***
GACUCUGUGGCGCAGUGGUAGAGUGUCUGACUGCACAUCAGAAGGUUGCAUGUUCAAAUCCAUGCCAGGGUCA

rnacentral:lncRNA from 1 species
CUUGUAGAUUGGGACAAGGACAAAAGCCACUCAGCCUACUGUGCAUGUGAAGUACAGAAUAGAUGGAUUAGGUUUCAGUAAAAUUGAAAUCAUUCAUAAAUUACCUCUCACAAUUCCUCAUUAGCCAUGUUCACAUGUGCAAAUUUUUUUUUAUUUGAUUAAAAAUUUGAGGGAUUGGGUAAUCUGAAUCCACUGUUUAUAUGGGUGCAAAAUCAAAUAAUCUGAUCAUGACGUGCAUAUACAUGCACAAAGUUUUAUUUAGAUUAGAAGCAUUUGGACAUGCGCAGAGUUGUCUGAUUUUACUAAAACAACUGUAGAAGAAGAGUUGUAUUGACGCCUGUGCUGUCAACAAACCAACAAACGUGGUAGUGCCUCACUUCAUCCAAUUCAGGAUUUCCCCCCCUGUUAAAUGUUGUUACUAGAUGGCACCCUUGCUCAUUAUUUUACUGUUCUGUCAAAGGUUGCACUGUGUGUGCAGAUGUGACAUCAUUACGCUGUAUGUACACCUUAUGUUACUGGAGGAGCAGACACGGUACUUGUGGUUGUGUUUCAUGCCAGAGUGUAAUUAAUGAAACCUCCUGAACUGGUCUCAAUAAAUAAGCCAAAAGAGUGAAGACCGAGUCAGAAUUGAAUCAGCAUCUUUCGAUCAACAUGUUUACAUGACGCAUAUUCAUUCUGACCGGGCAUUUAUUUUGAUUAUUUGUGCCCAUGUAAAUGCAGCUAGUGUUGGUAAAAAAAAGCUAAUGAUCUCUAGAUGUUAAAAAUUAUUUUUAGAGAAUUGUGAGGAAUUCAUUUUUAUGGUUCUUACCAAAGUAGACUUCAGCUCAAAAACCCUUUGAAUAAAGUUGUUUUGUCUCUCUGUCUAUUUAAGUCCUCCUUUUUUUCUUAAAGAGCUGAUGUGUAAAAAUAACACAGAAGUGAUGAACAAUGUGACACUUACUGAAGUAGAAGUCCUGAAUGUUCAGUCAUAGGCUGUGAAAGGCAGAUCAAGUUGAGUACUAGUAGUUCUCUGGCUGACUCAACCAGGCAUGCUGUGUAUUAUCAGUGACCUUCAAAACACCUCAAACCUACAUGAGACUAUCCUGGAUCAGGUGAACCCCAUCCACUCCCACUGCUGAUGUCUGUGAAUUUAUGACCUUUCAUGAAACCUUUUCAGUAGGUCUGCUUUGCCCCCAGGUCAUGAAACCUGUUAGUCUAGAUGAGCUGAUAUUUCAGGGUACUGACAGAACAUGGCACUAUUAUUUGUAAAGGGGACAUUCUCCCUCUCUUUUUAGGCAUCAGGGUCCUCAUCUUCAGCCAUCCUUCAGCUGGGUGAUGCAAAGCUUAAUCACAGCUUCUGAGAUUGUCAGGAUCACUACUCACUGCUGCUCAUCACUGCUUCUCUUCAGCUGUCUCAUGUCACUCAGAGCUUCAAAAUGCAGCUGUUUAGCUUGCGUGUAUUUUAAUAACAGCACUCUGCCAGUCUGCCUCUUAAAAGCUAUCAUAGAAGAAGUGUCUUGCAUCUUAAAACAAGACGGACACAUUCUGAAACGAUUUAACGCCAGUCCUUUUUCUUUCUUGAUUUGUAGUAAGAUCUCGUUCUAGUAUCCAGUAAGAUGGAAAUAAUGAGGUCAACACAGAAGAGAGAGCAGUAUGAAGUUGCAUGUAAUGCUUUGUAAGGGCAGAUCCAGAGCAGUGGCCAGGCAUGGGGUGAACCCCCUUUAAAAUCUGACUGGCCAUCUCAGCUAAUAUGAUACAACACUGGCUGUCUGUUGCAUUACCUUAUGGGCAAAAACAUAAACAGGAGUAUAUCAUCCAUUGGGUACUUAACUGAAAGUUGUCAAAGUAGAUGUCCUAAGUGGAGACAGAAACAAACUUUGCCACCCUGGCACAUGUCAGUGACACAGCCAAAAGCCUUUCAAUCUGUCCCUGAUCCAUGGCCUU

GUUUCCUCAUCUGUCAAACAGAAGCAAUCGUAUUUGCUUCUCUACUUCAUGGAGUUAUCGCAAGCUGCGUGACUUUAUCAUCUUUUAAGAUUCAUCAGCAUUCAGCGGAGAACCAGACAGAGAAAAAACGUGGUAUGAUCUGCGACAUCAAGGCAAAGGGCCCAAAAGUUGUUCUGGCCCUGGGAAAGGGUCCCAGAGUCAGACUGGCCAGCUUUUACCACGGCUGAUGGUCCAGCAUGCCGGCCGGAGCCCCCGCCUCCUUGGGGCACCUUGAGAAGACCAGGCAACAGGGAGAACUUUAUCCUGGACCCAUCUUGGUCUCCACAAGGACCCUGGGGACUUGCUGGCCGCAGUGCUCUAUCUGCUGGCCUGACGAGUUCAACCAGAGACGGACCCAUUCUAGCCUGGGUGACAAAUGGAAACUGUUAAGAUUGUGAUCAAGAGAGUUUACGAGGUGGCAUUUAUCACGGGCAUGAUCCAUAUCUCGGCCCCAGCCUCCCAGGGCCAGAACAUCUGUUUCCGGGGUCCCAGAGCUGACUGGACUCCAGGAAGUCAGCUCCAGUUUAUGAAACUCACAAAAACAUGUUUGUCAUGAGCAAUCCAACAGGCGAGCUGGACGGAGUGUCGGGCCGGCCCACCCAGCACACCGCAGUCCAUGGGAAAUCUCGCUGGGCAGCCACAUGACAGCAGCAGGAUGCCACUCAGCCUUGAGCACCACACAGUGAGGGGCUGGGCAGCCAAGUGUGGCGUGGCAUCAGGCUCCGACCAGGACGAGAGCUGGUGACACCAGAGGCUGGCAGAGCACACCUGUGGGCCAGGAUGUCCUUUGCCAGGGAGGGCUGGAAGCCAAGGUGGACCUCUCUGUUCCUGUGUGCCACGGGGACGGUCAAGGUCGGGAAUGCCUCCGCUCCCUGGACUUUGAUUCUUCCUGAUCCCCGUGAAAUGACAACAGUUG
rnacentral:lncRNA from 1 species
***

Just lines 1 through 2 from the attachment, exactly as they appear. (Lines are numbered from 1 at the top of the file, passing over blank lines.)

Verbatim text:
GACUCUGUGGCGCAGUGGUAGAGUGUCUGACUGCACAUCAGAAGGUUGCAUGUUCAAAUCCAUGCCAGGGUCA

rnacentral:lncRNA from 1 species